Skier visits dip in Aspen, Colorado in 2014-15
The Aspen Times
The 21 ski resorts that belong to the state trade group Colorado Ski Country USA reported Thursday that their skier visits for 2014-15 were down less than one-half percent from the prior season’s record.
Skier and snowboarder visits totaled 7.1 million, the association reported. That is up about 6.5 percent from the five-year average for Colorado Ski Country members.
“We’re thrilled with this year’s numbers, especially in a season that saw snow totals that were 36 percent below the 10-year average during the core of the ski season,” said Colorado Ski Country President and CEO Melanie Mills in a statement.
The trade group’s statement said the state’s total skier visits weren’t available because non-member resorts didn’t release their numbers. Vail Resorts doesn’t belong to Colorado Ski Country because of a disagreement over marketing strategies. Therefore, the numbers don’t include Vail Mountain, Beaver Creek, Breckenridge and Keystone.
Aspen Skiing Co. reported that skier visits at Snowmass — which logs the most business of its four ski areas — were down 3 percent. Snowfall was down 20 percent at Snowmass.
Overall, Skico’s visits were down 2 percent from the prior season, according to spokesman Jeff Hanle. He noted that Skico opened some slopes early and closed later than scheduled the prior season because of above average snowfall.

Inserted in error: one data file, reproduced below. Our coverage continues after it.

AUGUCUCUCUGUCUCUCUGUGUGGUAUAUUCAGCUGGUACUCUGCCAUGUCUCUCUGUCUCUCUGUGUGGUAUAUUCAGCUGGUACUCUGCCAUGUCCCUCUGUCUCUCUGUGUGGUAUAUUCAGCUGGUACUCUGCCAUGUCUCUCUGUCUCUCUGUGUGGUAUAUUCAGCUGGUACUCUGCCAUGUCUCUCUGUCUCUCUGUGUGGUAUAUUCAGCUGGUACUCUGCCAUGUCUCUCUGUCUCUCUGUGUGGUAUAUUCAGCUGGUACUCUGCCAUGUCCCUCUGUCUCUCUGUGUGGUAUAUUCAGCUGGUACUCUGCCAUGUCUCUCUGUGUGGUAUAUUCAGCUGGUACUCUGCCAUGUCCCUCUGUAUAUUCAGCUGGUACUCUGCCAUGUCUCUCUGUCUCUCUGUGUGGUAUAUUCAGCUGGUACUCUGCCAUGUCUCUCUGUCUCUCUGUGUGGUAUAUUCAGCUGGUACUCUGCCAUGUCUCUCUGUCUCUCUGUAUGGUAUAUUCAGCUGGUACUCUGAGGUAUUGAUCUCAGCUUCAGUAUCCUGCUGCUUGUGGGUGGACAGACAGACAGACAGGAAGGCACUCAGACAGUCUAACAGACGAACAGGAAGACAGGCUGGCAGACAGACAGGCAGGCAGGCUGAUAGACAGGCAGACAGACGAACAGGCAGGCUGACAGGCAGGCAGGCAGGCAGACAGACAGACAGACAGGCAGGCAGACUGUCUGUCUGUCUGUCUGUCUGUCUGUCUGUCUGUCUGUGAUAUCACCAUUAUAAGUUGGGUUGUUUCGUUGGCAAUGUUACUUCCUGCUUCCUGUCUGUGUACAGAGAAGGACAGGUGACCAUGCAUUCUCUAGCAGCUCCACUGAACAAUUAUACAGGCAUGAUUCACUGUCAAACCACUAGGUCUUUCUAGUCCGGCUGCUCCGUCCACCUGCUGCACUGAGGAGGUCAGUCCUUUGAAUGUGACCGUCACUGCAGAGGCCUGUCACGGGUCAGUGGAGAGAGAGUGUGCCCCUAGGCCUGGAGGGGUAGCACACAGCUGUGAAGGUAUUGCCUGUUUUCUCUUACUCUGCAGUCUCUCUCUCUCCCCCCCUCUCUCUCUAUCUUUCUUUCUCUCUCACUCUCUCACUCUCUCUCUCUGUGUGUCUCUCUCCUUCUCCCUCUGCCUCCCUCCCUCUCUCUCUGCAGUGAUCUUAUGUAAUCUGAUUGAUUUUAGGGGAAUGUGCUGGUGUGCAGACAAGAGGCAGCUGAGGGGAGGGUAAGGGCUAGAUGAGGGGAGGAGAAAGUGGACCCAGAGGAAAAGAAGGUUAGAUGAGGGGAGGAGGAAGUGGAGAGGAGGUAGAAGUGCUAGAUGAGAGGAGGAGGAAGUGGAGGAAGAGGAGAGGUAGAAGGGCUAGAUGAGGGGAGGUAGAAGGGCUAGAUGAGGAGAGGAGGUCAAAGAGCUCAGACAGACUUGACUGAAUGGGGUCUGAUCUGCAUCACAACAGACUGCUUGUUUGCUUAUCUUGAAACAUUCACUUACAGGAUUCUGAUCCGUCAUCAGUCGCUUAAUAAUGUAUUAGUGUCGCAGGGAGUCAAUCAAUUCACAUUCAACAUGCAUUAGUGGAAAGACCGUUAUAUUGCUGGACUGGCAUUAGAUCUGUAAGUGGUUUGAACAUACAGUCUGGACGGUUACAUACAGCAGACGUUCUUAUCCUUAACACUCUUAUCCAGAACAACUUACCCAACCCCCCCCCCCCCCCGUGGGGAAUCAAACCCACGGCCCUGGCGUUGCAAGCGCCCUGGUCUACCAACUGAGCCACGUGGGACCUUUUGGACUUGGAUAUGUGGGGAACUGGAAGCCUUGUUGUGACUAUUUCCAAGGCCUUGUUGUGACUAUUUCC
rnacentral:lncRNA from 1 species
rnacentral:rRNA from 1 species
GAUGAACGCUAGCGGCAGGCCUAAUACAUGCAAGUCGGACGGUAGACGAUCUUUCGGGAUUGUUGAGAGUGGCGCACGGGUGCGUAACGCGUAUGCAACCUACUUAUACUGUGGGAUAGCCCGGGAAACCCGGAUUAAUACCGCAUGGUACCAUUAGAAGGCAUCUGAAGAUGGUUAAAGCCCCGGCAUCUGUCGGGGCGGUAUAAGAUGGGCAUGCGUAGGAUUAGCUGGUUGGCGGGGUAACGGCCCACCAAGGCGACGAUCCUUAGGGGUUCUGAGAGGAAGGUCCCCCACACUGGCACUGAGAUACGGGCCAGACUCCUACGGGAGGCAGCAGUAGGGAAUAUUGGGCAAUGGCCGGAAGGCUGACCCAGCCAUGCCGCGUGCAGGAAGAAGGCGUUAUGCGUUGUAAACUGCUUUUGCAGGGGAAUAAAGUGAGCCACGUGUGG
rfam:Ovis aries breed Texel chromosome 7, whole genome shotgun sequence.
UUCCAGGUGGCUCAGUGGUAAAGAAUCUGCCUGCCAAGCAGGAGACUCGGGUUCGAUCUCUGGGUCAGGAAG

“We had a good season despite some challenging weather,” Hanle said. “Destination visits were strong, but we saw less pass usage this year, likely due to perceived conditions. Our destination guests enjoyed the sunshine and great coverage, but our locals like to get out in force on powder days, and those were not as plentiful as they could have been.”
Destination business comes from travelers who stay overnight. They are the bread-and-butter customers for Skico.
Skico’s business pattern is consistent with Colorado Ski Country USA’s findings. In-state skiers didn’t hit the slopes in the usual strong numbers early in the season because of unseasonably warm temperatures.
“Not surprisingly, we saw an increase in the destination visitor sector, a reduction in in-state visits and widespread gains in skier spending across all categories,” Mills said in her statement.
Nationally, the ski industry took its lumps in 2014-15. Ski areas tallied an estimated 53.6 million skier and snowboarder visits. That was down 5 percent from the prior season and down 3.8 percent from the five-season industry average of 55.7 million.
Low snowfall in parts of the country, particularly in California, received part of the blame.
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